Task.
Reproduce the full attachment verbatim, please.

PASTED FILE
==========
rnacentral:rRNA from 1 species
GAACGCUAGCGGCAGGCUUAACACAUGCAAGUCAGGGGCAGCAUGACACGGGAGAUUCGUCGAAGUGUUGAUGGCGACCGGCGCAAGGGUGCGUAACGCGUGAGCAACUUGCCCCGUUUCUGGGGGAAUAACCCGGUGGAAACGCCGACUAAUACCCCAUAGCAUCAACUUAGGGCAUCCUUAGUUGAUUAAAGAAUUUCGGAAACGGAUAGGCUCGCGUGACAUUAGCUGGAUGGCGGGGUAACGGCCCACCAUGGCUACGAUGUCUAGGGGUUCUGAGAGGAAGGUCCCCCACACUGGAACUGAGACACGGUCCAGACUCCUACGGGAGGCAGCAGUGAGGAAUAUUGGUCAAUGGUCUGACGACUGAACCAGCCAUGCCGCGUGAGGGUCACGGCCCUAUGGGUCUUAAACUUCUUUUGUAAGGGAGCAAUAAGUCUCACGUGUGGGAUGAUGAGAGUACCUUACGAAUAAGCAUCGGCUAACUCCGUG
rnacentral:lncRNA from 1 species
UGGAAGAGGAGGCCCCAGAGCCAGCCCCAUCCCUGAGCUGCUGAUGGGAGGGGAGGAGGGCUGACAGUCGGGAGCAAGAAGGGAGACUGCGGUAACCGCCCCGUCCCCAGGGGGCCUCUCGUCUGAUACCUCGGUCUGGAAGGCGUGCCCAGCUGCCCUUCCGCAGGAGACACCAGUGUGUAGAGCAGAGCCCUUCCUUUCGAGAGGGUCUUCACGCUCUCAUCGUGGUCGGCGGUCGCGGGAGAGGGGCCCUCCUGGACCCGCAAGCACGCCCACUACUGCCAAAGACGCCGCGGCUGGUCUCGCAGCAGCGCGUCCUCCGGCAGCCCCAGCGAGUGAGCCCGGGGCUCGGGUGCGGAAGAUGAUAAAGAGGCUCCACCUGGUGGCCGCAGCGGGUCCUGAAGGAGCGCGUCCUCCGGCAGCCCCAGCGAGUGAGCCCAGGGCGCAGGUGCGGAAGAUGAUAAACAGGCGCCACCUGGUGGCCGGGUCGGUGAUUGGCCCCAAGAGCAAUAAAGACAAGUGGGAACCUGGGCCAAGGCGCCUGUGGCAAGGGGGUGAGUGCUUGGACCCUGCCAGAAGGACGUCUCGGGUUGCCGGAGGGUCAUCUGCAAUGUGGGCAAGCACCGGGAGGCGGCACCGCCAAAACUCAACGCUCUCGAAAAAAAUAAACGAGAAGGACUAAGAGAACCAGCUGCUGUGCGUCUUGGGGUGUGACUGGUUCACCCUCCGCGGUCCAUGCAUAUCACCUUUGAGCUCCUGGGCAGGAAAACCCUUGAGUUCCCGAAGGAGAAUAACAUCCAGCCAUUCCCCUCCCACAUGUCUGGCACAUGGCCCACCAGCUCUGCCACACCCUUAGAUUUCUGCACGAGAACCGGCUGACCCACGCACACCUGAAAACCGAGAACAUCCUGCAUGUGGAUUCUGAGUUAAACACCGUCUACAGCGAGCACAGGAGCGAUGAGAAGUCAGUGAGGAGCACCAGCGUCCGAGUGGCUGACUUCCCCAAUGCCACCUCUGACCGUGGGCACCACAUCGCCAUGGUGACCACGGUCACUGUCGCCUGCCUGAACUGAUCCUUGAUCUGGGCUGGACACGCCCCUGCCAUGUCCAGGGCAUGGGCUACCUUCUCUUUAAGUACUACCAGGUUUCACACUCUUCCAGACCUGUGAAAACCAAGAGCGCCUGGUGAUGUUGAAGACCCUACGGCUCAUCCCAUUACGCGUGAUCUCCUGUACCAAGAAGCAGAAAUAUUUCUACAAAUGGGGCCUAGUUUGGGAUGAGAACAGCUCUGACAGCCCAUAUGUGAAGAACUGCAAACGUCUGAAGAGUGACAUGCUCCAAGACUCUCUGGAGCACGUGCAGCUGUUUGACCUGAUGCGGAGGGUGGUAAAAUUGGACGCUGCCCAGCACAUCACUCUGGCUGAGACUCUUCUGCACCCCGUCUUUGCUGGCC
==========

rnacentral:rRNA from 1 species
GAACGCUAGCGGCAGGCUUAACACAUGCAAGUCAGGGGCAGCAUGACACGGGAGAUUCGUCGAAGUGUUGAUGGCGACCGGCGCAAGGGUGCGUAACGCGUGAGCAACUUGCCCCGUUUCUGGGGGAAUAACCCGGUGGAAACGCCGACUAAUACCCCAUAGCAUCAACUUAGGGCAUCCUUAGUUGAUUAAAGAAUUUCGGAAACGGAUAGGCUCGCGUGACAUUAGCUGGAUGGCGGGGUAACGGCCCACCAUGGCUACGAUGUCUAGGGGUUCUGAGAGGAAGGUCCCCCACACUGGAACUGAGACACGGUCCAGACUCCUACGGGAGGCAGCAGUGAGGAAUAUUGGUCAAUGGUCUGACGACUGAACCAGCCAUGCCGCGUGAGGGUCACGGCCCUAUGGGUCUUAAACUUCUUUUGUAAGGGAGCAAUAAGUCUCACGUGUGGGAUGAUGAGAGUACCUUACGAAUAAGCAUCGGCUAACUCCGUG
rnacentral:lncRNA from 1 species
UGGAAGAGGAGGCCCCAGAGCCAGCCCCAUCCCUGAGCUGCUGAUGGGAGGGGAGGAGGGCUGACAGUCGGGAGCAAGAAGGGAGACUGCGGUAACCGCCCCGUCCCCAGGGGGCCUCUCGUCUGAUACCUCGGUCUGGAAGGCGUGCCCAGCUGCCCUUCCGCAGGAGACACCAGUGUGUAGAGCAGAGCCCUUCCUUUCGAGAGGGUCUUCACGCUCUCAUCGUGGUCGGCGGUCGCGGGAGAGGGGCCCUCCUGGACCCGCAAGCACGCCCACUACUGCCAAAGACGCCGCGGCUGGUCUCGCAGCAGCGCGUCCUCCGGCAGCCCCAGCGAGUGAGCCCGGGGCUCGGGUGCGGAAGAUGAUAAAGAGGCUCCACCUGGUGGCCGCAGCGGGUCCUGAAGGAGCGCGUCCUCCGGCAGCCCCAGCGAGUGAGCCCAGGGCGCAGGUGCGGAAGAUGAUAAACAGGCGCCACCUGGUGGCCGGGUCGGUGAUUGGCCCCAAGAGCAAUAAAGACAAGUGGGAACCUGGGCCAAGGCGCCUGUGGCAAGGGGGUGAGUGCUUGGACCCUGCCAGAAGGACGUCUCGGGUUGCCGGAGGGUCAUCUGCAAUGUGGGCAAGCACCGGGAGGCGGCACCGCCAAAACUCAACGCUCUCGAAAAAAAUAAACGAGAAGGACUAAGAGAACCAGCUGCUGUGCGUCUUGGGGUGUGACUGGUUCACCCUCCGCGGUCCAUGCAUAUCACCUUUGAGCUCCUGGGCAGGAAAACCCUUGAGUUCCCGAAGGAGAAUAACAUCCAGCCAUUCCCCUCCCACAUGUCUGGCACAUGGCCCACCAGCUCUGCCACACCCUUAGAUUUCUGCACGAGAACCGGCUGACCCACGCACACCUGAAAACCGAGAACAUCCUGCAUGUGGAUUCUGAGUUAAACACCGUCUACAGCGAGCACAGGAGCGAUGAGAAGUCAGUGAGGAGCACCAGCGUCCGAGUGGCUGACUUCCCCAAUGCCACCUCUGACCGUGGGCACCACAUCGCCAUGGUGACCACGGUCACUGUCGCCUGCCUGAACUGAUCCUUGAUCUGGGCUGGACACGCCCCUGCCAUGUCCAGGGCAUGGGCUACCUUCUCUUUAAGUACUACCAGGUUUCACACUCUUCCAGACCUGUGAAAACCAAGAGCGCCUGGUGAUGUUGAAGACCCUACGGCUCAUCCCAUUACGCGUGAUCUCCUGUACCAAGAAGCAGAAAUAUUUCUACAAAUGGGGCCUAGUUUGGGAUGAGAACAGCUCUGACAGCCCAUAUGUGAAGAACUGCAAACGUCUGAAGAGUGACAUGCUCCAAGACUCUCUGGAGCACGUGCAGCUGUUUGACCUGAUGCGGAGGGUGGUAAAAUUGGACGCUGCCCAGCACAUCACUCUGGCUGAGACUCUUCUGCACCCCGUCUUUGCUGGCC